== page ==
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Title: Adaptive heterosubtypic immunity to low pathogenic avian influenza viruses in experimentally infected mallards

item SEGOVIA, KAREN - University Of Georgia
item STALKNECHT, DAVID - University Of Georgia
item Kapczynski, Darrell
item STABLER, LISA - University Of Georgia
item BERGHAUS, ROY - University Of Georgia
item FOTJIK, ALINDE - University Of Georgia
item LATORRE-MARGALEF, NEUS - University Of Georgia
item FRANCA, MONIQUE - University Of Georgia

Submitted to: PLOS ONE
Publication Type: Peer Reviewed Journal
Publication Acceptance Date: 1/3/2017
Publication Date: 1/20/2017
Citation: Segovia, K.M., Stalknecht, D.E., Kapczynski, D.R., Stabler, L., Berghaus, R.D., Fotjik, A., Latorre-Margalef, N., Franca, M.S. 2017. Adaptive heterosubtypic immunity to low pathogenic avian influenza viruses in experimentally infected mallards. PLoS One. 12(1):e0170335. doi:10.1371/journal.pone.0170335.

Interpretive Summary: Mallard ducks constitute the main reservoir for low pathogenic avian influenza viruses (AIV) in nature and differences in prevalence of viral subtypes are likely influenced by immunity in these birds. Heterosubtypic immunity refers to the ability to protect against different AIV subtypes. Under experimental conditions, we assessed the magnitude of the heterosubtypic immunity induced by infection with an H3N8 AIV against similar (H4N6) or less prevalent subtypes (H10N7 and H14N5) AIV in mallards at different time intervals. Furthermore, we evaluated if subsequent inoculations with different AIV subtypes would have a boosting effect in the magnitude of heterosubtypic immunity. Here, we demonstrate that inoculation with the H3N8 AIV induced heterosubtypic immunity and that cross protection followed the genetic relatedness between the AIVs tested. In addition, the magnitude of heterosubtypic immunity was increased with multiple subsequent infections. Our findings offer possible explanations to the dynamics of AIV subtype diversity in mallards.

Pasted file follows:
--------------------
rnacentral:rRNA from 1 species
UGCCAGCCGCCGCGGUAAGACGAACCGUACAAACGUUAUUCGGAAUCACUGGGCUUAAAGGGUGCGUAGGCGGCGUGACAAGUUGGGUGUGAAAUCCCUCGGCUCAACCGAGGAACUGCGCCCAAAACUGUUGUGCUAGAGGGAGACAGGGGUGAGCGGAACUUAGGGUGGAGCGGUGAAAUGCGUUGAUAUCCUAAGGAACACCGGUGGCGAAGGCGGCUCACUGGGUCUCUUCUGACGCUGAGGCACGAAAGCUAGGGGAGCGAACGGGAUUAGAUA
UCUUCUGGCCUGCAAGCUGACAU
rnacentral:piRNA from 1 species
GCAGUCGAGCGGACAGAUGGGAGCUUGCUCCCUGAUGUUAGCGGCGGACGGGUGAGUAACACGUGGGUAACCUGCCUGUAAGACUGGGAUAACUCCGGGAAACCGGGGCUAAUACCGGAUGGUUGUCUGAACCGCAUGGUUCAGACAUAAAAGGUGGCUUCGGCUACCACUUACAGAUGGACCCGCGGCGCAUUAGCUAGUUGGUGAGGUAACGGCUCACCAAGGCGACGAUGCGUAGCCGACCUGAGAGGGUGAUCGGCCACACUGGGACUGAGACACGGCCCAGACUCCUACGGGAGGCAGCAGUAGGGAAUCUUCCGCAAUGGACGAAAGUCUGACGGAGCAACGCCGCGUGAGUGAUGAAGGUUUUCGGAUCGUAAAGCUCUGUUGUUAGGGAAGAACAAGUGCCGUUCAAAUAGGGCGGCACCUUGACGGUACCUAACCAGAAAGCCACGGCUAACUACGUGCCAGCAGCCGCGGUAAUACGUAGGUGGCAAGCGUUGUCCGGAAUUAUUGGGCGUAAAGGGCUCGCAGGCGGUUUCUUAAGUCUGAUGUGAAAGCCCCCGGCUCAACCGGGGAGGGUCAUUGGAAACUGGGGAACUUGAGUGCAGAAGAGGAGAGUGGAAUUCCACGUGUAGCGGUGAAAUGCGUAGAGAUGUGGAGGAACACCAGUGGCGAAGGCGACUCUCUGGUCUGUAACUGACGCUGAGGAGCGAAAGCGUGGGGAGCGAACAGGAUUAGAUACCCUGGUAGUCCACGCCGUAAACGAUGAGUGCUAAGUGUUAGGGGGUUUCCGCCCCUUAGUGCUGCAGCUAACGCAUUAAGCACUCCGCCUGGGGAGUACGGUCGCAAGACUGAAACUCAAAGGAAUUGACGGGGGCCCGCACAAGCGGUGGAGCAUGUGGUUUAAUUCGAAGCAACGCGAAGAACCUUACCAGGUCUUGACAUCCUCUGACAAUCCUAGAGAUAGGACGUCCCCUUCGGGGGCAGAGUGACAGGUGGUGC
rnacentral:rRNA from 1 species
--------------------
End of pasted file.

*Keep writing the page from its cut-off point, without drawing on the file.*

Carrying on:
Technical Abstract: Mallards are widely recognized as reservoirs for Influenza A viruses (IAV), however host factors that might prompt seasonality and trends in subtype diversity of IAV such as adaptive heterosubtypic immunity (HSI) are not well understood. We inoculated mallards with a prevailing H3N8 low pathogenic avian influenza virus (LPAIV) subtype in waterfowl to determine if prior infection with this virus would be protective against heterosubtypic infections with the H4N6, H10N7 and H14N5 LPAIV subtypes after one, two and three months, respectively. In addition, we investigated the effect of cumulative immunity after sequential inoculation of mallards with these viruses in one month intervals. Humoral immunity was assessed by micro neutralization assays using a subset of representative LPAIV subtypes as antigens. Our results indicate that prior inoculation with the H3N8 virus confers partial protective immunity against subsequent heterosubtypic infections with robustness of HSI related to the phylogenetic similarity of the HA protein of the strains used. Furthermore, induced HSI was boosted following exposure to more than one LPAIV subtype. Our findings provide further information and understanding on the contributions of HSI and its role in the dynamics of IAV subtype diversity in mallards.